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  • Writer's pictureJOE WOODWARD


Updated: Jan 15, 2021

BE - Image by John Hain

We say things without really comprehending any meaning.

Wishing people "Happy New Year" has a positive ring. Yet with all the sound and fury that overtakes the cluttered world in which we inhabit, I wonder if "happy" is the right term; the right endearing outcome for a new year.

My good friend Foley suggested to me some years ago that being "grateful" was perhaps the most powerful existential form of being. We "be" most when grateful for things that become us; even in the most trying of times.

GRATITUDE - Image by John Hain

Foley's words have come to ring truer as time flies by. As vanity and ego are set aside, one can realize the power of surrender to some larger power that dwarf's all we might pretend to be.

The current fad of extolling the power of "goals" in our life masks the reality of the ride that takes us in multiple directions at once. The goals assume we are only an avatar of our own making; someone being controlled by the superiority of our minds and mastery. The "presentation of self in everyday life" is a product of this avatar that conceals and fools us into imagining an importance that really doesn't exist. Or so it seems! Much of the sociological thinking from a postmodern perspective advocates this dramaturgy.

Milan Kundera coined the phrase "the incredible lightness of being" to title his novel set in 1968. Perhaps the phrase itself is more significant than the sum of the writing in the book. The suggestion in the title is most inspiring. The idea of lightness as opposed to being weighed down is advocated by a simple focus on "BEING".

I work with a colleague who has this incredible lightness that she shares where-ever she roams and inhabits. It is a lightness of being that is felt by colleagues and students alike. Her humility is something that exudes a power to embrace and enable growth. It isn't tied to goal setting or techniques for instilling some set of supposed essential knowledge. The smile isn't that of an avatar; but an expression of genuine Being!

I have known others who exhibited this lightness even though they rarely smiled and were cautious in complementing. I refer primarily to the late Ralph Wilson, after whom The Ralph Wilson Theatre at Gorman House is named; Ralph had such a strong presence of Being that infected the spaces and people around him. He inspired people to trust their own potential. If we look at the above image of "Gratitude" by John Hain, we sum up Ralph Wilson's Being as encountered by me those decades ago.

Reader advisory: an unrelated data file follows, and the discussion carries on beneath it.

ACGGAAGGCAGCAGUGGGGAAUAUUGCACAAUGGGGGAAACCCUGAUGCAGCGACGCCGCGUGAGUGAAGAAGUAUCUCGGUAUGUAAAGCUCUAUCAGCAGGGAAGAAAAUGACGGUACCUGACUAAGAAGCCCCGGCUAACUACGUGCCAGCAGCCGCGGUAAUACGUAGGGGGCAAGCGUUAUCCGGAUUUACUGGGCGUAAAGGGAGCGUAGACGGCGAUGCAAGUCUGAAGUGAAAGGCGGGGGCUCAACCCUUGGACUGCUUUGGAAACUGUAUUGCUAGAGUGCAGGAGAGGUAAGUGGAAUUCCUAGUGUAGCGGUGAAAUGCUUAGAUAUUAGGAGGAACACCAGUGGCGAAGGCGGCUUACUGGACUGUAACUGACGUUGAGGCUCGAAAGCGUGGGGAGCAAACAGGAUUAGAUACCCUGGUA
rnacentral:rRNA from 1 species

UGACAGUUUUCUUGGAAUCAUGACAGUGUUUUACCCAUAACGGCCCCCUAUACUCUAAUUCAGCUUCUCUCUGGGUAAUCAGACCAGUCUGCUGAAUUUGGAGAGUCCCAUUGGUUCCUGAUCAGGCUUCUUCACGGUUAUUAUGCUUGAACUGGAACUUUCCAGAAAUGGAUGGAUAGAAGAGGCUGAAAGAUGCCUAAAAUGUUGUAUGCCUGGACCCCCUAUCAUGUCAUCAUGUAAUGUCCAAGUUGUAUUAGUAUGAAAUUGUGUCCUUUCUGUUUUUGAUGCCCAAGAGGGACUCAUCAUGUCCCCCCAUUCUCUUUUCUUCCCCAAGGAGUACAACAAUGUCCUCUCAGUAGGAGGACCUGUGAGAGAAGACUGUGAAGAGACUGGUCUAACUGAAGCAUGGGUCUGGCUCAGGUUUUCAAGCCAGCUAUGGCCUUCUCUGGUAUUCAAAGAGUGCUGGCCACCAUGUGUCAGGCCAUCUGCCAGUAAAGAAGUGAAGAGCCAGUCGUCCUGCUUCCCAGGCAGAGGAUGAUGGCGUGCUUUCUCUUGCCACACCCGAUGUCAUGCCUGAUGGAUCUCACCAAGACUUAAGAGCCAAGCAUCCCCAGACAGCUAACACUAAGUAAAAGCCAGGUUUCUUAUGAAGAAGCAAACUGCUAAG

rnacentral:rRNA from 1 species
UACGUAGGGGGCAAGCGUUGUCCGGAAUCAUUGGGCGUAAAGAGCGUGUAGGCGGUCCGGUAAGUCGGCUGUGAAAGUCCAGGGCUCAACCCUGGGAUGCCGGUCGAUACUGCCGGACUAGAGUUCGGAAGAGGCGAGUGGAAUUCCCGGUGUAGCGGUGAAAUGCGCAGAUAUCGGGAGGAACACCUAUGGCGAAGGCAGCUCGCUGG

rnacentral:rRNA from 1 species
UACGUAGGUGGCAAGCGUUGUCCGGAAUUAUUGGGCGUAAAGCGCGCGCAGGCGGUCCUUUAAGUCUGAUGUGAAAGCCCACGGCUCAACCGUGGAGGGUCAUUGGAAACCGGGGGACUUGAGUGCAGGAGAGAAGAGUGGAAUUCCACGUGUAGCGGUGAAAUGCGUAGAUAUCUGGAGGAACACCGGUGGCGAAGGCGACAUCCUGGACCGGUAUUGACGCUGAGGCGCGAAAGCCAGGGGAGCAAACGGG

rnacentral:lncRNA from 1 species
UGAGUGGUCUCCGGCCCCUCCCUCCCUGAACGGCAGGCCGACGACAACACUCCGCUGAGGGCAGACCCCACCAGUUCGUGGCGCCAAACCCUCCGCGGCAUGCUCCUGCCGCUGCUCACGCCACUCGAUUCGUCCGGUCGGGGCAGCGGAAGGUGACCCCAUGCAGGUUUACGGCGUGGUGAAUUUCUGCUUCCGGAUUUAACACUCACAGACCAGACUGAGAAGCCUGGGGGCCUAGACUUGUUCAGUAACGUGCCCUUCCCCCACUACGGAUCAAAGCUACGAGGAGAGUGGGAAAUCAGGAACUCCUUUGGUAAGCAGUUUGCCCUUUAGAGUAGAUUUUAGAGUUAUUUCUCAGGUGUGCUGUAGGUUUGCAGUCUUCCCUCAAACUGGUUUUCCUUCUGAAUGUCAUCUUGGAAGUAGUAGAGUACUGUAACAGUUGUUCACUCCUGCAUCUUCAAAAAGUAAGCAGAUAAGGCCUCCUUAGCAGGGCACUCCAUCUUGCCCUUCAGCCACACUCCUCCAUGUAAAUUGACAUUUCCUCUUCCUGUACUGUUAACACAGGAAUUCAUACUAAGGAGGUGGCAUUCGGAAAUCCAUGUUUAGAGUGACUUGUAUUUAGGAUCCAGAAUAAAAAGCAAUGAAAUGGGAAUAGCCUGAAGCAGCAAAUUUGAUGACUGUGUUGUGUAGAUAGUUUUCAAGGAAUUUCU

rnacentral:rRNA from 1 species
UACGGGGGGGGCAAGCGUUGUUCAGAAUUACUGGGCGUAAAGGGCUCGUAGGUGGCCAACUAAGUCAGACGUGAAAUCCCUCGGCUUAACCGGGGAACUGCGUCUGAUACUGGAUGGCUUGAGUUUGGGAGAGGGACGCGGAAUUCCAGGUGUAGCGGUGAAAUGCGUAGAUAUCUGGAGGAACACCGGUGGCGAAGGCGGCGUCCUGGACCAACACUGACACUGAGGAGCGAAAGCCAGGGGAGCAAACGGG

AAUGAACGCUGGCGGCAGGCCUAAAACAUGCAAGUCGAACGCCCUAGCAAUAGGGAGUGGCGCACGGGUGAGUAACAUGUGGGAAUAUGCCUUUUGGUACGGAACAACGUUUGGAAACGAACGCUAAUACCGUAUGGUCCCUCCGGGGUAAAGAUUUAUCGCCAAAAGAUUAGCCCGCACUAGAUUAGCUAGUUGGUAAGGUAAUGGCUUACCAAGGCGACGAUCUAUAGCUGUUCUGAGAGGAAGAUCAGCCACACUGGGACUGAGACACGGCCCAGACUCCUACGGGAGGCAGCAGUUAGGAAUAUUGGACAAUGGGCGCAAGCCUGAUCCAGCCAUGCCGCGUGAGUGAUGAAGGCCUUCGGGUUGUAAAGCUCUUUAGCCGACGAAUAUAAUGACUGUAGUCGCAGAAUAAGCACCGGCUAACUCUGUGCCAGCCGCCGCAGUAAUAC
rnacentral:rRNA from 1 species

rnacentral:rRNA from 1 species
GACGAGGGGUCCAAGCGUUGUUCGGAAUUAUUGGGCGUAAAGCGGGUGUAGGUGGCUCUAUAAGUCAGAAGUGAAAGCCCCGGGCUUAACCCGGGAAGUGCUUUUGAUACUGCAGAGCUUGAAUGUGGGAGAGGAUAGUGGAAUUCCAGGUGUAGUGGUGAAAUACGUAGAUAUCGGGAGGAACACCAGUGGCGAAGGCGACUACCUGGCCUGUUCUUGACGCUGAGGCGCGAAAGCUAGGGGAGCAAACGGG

So I suggest that a powerful and engaging Being has nothing to do with simply presenting a positive, smiling, goal setting and happy exterior. It is about a depth of engagement. It isn't about chasing happiness or satisfactions of any kind. I suggest it is more about being grateful for whatever it is that might be us/me!

Only in such a discovery can a truly powerful being emerge. And so to Shakespeare's most famous speech. I doubt there is any better description of the choice and dilemmas of finding one's very being ...

To be, or not to be: that is the question: Whether 'tis nobler in the mind to suffer The slings and arrows of outrageous fortune, Or to take arms against a sea of troubles, And by opposing end them? To die: to sleep; No more; and by a sleep to say we end The heart-ache and the thousand natural shocks That flesh is heir to, 'tis a consummation Devoutly to be wish'd. To die, to sleep; To sleep: perchance to dream: ay, there's the rub; For in that sleep of death what dreams may come When we have shuffled off this mortal coil, Must give us pause: there's the respect That makes calamity of so long life; For who would bear the whips and scorns of time, The oppressor's wrong, the proud man's contumely, The pangs of despised love, the law's delay, The insolence of office and the spurns That patient merit of the unworthy takes, When he himself might his quietus make With a bare bodkin? who would fardels bear, To grunt and sweat under a weary life, But that the dread of something after death, The undiscover'd country from whose bourn No traveller returns, puzzles the will And makes us rather bear those ills we have Than fly to others that we know not of?

BE - Image 2 by John Hain from Pixabay



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